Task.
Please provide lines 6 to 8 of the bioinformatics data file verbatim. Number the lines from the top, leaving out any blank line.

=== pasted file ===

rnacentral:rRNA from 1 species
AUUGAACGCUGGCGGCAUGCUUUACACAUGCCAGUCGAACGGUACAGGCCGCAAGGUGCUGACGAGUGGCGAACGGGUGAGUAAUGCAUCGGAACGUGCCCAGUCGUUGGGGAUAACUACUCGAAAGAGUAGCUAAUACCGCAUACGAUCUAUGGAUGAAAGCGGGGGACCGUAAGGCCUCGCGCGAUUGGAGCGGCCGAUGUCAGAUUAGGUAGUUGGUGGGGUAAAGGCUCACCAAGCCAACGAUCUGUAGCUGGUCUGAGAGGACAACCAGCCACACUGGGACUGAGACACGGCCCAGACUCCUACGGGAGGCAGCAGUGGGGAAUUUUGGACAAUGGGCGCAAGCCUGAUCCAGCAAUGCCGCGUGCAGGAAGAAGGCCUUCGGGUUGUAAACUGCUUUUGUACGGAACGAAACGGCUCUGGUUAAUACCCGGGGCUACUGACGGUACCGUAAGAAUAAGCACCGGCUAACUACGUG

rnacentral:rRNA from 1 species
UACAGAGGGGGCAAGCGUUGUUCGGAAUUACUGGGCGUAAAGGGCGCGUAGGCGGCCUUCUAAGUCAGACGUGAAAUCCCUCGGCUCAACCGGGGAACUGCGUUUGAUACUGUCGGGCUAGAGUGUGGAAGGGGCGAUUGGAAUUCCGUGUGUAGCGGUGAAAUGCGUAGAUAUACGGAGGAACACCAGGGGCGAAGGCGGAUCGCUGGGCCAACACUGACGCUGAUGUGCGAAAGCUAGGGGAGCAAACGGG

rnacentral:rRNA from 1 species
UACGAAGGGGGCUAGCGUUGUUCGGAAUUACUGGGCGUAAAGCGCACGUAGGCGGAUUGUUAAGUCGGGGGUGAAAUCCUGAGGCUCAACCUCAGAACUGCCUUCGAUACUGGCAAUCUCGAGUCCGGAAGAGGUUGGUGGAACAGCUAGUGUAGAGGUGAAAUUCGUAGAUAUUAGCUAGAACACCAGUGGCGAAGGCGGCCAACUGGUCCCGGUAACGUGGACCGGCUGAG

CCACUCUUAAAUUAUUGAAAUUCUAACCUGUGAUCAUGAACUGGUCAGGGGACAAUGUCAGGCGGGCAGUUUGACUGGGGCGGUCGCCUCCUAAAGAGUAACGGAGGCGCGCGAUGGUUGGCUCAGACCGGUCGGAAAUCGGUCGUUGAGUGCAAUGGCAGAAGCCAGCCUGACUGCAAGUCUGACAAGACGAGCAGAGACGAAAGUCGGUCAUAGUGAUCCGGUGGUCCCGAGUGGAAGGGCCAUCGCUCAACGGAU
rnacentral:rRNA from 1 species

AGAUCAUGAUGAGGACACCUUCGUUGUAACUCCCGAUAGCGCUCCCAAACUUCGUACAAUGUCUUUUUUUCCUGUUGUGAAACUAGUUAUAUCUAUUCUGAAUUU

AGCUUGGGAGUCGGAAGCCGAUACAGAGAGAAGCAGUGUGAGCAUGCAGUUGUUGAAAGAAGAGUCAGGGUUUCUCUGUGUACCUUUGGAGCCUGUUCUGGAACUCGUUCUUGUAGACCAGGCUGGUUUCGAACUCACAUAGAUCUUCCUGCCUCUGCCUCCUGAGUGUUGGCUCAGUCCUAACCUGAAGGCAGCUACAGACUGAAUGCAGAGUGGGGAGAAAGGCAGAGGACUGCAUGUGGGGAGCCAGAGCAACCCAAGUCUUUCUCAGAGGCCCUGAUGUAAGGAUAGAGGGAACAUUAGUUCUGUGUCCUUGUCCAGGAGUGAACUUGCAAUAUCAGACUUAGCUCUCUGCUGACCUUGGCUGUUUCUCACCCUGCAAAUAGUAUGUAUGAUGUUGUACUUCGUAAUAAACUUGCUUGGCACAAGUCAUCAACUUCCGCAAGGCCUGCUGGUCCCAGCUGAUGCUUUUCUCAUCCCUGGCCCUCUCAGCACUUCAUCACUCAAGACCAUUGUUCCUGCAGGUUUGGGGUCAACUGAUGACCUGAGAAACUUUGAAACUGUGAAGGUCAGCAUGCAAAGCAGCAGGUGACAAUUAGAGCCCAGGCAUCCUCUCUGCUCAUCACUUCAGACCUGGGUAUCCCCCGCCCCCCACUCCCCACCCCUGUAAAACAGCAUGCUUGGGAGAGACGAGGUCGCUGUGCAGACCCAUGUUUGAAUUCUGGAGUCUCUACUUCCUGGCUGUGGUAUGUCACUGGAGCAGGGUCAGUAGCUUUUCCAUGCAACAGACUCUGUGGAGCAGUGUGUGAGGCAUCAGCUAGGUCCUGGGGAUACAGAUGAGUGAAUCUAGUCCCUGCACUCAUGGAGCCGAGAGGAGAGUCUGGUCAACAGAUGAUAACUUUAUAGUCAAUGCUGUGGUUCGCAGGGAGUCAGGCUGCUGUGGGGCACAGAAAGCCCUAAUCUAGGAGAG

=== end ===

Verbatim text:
UACGAAGGGGGCUAGCGUUGUUCGGAAUUACUGGGCGUAAAGCGCACGUAGGCGGAUUGUUAAGUCGGGGGUGAAAUCCUGAGGCUCAACCUCAGAACUGCCUUCGAUACUGGCAAUCUCGAGUCCGGAAGAGGUUGGUGGAACAGCUAGUGUAGAGGUGAAAUUCGUAGAUAUUAGCUAGAACACCAGUGGCGAAGGCGGCCAACUGGUCCCGGUAACGUGGACCGGCUGAG

CCACUCUUAAAUUAUUGAAAUUCUAACCUGUGAUCAUGAACUGGUCAGGGGACAAUGUCAGGCGGGCAGUUUGACUGGGGCGGUCGCCUCCUAAAGAGUAACGGAGGCGCGCGAUGGUUGGCUCAGACCGGUCGGAAAUCGGUCGUUGAGUGCAAUGGCAGAAGCCAGCCUGACUGCAAGUCUGACAAGACGAGCAGAGACGAAAGUCGGUCAUAGUGAUCCGGUGGUCCCGAGUGGAAGGGCCAUCGCUCAACGGAU
rnacentral:rRNA from 1 species